Best of luck with FOX, awesome products regardless.
  • + 1
 @ Adman MTB
Sweet, how much do u want 4 just the fork then? =]
  • + 0
 @ Vaguehue
$3000, free bike included.

@Ginu
Of course I realise that the price drops as soon as it's bought - it loses over half its value (depending on the product).

But what I'm annoyed about (I'll say it again) is not that I've lost money, it's that SRAM just don't perfect things the first time - they keep doing meaningless upgrades for the sake of it, and it's not good for the customer.

It feels crap, you feel ripped off because you thought you had their best product (or even a team model, which more people use) and now they've done some meaningless upgrade...
  • + 3
 Name one product that's perfect the first time around.

And if the upgrades are "meaningless", as you say, why do you feel that your older model is inferior? Doesn't make sense.

Stop worrying about it and enjoy it for what it is. If you're worried about products being outdated, don't buy a computer either. Wink
  • + 1
 technology gets better every year, if sram doesnt make changes then they arent making any money. the whole point of a product is to improve on it. And why do you pick SRAM? EVERY SINGLE BRAND IN THE WORLD DOES IT. Its brands like that never change that piss me off. you cant sell old shit like its new again, but even if they did they seem to have you caught up in it pretty well.


So if we could turn back time would that make you happy? We could downgrade everything every year just so people feel that their original purchase was the right one. Is that waht you really want? Cause every one feels the way you do... even me... I buy a fork every couple of years, but i dont always get the newest one.in 2007 my preference was the 2005 66 over the 06 cause i liked the feel, so dont feel ripped off, feel happy that you purchased a solid RS product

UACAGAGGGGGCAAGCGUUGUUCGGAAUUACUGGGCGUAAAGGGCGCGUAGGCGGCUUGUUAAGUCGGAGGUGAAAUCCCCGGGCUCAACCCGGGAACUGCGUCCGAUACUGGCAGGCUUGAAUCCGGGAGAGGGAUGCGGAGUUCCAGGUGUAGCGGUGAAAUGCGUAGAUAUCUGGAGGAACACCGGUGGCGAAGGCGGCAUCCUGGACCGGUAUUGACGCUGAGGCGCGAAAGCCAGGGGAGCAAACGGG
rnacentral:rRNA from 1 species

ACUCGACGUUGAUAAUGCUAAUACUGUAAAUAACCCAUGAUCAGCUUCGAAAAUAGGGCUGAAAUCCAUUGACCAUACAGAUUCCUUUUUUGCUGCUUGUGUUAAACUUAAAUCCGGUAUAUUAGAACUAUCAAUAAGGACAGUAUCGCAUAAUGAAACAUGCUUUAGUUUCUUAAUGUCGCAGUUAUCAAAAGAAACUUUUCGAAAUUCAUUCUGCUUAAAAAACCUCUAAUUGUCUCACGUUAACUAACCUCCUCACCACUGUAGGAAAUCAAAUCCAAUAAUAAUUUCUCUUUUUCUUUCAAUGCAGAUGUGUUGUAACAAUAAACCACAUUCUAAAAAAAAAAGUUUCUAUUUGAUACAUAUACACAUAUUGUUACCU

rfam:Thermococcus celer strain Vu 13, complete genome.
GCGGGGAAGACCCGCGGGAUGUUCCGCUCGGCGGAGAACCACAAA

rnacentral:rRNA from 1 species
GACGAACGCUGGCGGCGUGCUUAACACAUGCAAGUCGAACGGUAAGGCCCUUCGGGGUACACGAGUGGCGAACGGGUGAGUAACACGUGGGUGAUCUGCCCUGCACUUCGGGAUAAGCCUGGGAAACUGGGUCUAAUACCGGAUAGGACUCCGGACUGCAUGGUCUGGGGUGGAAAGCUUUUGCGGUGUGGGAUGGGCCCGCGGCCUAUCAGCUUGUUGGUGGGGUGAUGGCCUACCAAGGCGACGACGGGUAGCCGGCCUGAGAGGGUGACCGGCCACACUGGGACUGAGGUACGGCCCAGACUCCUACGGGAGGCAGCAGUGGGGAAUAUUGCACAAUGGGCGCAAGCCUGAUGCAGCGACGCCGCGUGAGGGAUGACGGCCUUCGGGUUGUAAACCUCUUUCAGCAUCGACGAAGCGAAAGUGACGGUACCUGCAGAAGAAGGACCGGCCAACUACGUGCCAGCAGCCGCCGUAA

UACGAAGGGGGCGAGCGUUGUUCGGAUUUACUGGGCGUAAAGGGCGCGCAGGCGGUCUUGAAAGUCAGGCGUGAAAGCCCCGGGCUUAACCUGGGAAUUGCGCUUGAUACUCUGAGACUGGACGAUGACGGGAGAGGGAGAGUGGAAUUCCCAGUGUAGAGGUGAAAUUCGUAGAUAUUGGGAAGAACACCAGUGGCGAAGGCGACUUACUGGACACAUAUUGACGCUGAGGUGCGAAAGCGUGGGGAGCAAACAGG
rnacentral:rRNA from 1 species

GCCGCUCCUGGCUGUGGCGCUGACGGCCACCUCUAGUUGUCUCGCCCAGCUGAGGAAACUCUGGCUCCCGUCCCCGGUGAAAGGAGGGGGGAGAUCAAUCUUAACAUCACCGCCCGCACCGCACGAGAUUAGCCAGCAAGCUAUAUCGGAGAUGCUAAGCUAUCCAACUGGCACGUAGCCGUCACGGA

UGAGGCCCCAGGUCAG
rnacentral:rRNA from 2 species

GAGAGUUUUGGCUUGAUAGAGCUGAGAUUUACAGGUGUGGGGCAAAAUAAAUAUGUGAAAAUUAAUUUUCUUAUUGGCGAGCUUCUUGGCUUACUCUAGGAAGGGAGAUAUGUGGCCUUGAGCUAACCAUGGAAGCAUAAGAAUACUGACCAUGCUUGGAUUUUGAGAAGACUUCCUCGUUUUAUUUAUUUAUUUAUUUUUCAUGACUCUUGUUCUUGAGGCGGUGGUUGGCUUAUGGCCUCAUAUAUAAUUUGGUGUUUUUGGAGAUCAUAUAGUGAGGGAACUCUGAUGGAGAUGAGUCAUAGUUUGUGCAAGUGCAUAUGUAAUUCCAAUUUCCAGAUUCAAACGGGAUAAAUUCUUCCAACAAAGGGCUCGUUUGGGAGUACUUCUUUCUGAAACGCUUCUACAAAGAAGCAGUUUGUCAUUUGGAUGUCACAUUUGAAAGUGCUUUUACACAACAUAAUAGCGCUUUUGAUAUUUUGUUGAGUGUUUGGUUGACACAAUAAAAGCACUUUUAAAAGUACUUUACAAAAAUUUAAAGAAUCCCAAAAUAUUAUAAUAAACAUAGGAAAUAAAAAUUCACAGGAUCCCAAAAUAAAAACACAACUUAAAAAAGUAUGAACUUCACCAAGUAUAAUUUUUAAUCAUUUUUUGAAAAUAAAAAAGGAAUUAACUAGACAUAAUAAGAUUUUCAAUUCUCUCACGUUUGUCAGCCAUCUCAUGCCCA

• + 1
 @ AdmanMTB - fantastic, u just don't want to win that case ;DDD
Help yourself and sell something before u get blisters from moaning too much via keyboard ;P
Any other offer on ur fork?
  • + 4
 Just don't think that FOX 40 is better. It has weak lowers, the fit cartridge has a seal popping out every other day and and the cap holding it in place bending, air gets into the cartridge and so on. When air in the fluid travels upwards why the hack would one put a oil reservoir in the lowers of the fork. Maybe to be able to invert the cartridge for the 2011 model and call it "the holy mother of redesign". It's like Windows! Beta tester = consumer.
Just spend your money for a road-trip, throw a huge party, whatever makes you happy.

Nice article: it reads experiment.
  • + 1
 Haha, they did invert it eventually lol
  • + 4
 Nice article Mike, as pretty much all other Tech Tuesday! You should do one the the Fox 40 too! Razz
  • + 1
 It'd be nice to see one on all the popular 3...or so help me, 4 (manitou Razz )